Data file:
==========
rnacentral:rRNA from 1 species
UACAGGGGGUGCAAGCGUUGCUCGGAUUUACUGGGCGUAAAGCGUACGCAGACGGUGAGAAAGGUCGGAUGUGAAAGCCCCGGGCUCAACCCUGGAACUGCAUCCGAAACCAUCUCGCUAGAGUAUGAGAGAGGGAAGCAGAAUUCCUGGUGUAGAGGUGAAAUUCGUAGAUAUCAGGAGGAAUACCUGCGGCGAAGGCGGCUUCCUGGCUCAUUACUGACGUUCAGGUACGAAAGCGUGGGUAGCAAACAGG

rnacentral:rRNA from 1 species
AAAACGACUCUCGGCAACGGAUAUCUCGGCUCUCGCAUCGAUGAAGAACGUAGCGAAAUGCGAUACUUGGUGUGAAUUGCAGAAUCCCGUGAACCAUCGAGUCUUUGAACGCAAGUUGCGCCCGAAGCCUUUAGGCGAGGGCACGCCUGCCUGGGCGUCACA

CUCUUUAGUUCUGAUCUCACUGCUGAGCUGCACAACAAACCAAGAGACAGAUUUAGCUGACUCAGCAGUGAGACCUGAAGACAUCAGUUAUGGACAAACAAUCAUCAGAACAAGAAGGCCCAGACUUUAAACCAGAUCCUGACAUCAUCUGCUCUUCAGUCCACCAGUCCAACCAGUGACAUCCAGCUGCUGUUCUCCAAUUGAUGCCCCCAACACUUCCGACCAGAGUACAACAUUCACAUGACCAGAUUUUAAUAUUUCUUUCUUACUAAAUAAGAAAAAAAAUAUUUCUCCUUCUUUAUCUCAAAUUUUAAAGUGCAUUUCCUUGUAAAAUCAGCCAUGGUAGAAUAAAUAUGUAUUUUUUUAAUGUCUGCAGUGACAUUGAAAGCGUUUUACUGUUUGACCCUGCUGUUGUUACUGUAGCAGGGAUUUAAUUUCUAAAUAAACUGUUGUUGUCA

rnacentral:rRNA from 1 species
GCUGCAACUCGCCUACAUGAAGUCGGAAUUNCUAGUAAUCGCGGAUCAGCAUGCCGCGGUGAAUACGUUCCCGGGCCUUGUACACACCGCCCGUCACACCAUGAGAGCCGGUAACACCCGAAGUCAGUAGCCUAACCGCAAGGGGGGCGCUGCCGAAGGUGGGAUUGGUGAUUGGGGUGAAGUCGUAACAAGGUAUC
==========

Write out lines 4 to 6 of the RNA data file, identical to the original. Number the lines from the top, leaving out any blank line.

AAAACGACUCUCGGCAACGGAUAUCUCGGCUCUCGCAUCGAUGAAGAACGUAGCGAAAUGCGAUACUUGGUGUGAAUUGCAGAAUCCCGUGAACCAUCGAGUCUUUGAACGCAAGUUGCGCCCGAAGCCUUUAGGCGAGGGCACGCCUGCCUGGGCGUCACA

CUCUUUAGUUCUGAUCUCACUGCUGAGCUGCACAACAAACCAAGAGACAGAUUUAGCUGACUCAGCAGUGAGACCUGAAGACAUCAGUUAUGGACAAACAAUCAUCAGAACAAGAAGGCCCAGACUUUAAACCAGAUCCUGACAUCAUCUGCUCUUCAGUCCACCAGUCCAACCAGUGACAUCCAGCUGCUGUUCUCCAAUUGAUGCCCCCAACACUUCCGACCAGAGUACAACAUUCACAUGACCAGAUUUUAAUAUUUCUUUCUUACUAAAUAAGAAAAAAAAUAUUUCUCCUUCUUUAUCUCAAAUUUUAAAGUGCAUUUCCUUGUAAAAUCAGCCAUGGUAGAAUAAAUAUGUAUUUUUUUAAUGUCUGCAGUGACAUUGAAAGCGUUUUACUGUUUGACCCUGCUGUUGUUACUGUAGCAGGGAUUUAAUUUCUAAAUAAACUGUUGUUGUCA

rnacentral:rRNA from 1 species